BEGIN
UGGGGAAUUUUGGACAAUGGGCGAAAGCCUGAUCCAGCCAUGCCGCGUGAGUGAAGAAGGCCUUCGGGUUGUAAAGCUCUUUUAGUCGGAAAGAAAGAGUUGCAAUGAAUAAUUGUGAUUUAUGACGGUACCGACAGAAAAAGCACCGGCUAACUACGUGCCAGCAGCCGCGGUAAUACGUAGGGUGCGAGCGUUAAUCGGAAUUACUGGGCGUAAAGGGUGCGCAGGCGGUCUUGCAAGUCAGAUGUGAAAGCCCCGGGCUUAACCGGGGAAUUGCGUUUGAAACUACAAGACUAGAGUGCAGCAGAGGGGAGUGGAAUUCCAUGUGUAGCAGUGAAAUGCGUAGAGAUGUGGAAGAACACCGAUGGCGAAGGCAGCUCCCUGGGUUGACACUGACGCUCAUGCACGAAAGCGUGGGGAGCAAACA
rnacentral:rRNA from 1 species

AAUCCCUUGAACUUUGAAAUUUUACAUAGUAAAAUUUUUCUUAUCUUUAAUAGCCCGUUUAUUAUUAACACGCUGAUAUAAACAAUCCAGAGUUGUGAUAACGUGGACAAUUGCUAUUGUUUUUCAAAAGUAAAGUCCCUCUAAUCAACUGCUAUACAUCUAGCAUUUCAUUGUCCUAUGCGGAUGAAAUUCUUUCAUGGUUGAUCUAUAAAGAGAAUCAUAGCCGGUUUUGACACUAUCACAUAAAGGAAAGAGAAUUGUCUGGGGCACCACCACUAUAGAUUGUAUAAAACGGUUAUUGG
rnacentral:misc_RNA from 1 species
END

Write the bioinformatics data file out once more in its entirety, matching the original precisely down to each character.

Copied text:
UGGGGAAUUUUGGACAAUGGGCGAAAGCCUGAUCCAGCCAUGCCGCGUGAGUGAAGAAGGCCUUCGGGUUGUAAAGCUCUUUUAGUCGGAAAGAAAGAGUUGCAAUGAAUAAUUGUGAUUUAUGACGGUACCGACAGAAAAAGCACCGGCUAACUACGUGCCAGCAGCCGCGGUAAUACGUAGGGUGCGAGCGUUAAUCGGAAUUACUGGGCGUAAAGGGUGCGCAGGCGGUCUUGCAAGUCAGAUGUGAAAGCCCCGGGCUUAACCGGGGAAUUGCGUUUGAAACUACAAGACUAGAGUGCAGCAGAGGGGAGUGGAAUUCCAUGUGUAGCAGUGAAAUGCGUAGAGAUGUGGAAGAACACCGAUGGCGAAGGCAGCUCCCUGGGUUGACACUGACGCUCAUGCACGAAAGCGUGGGGAGCAAACA
rnacentral:rRNA from 1 species

AAUCCCUUGAACUUUGAAAUUUUACAUAGUAAAAUUUUUCUUAUCUUUAAUAGCCCGUUUAUUAUUAACACGCUGAUAUAAACAAUCCAGAGUUGUGAUAACGUGGACAAUUGCUAUUGUUUUUCAAAAGUAAAGUCCCUCUAAUCAACUGCUAUACAUCUAGCAUUUCAUUGUCCUAUGCGGAUGAAAUUCUUUCAUGGUUGAUCUAUAAAGAGAAUCAUAGCCGGUUUUGACACUAUCACAUAAAGGAAAGAGAAUUGUCUGGGGCACCACCACUAUAGAUUGUAUAAAACGGUUAUUGG
rnacentral:misc_RNA from 1 species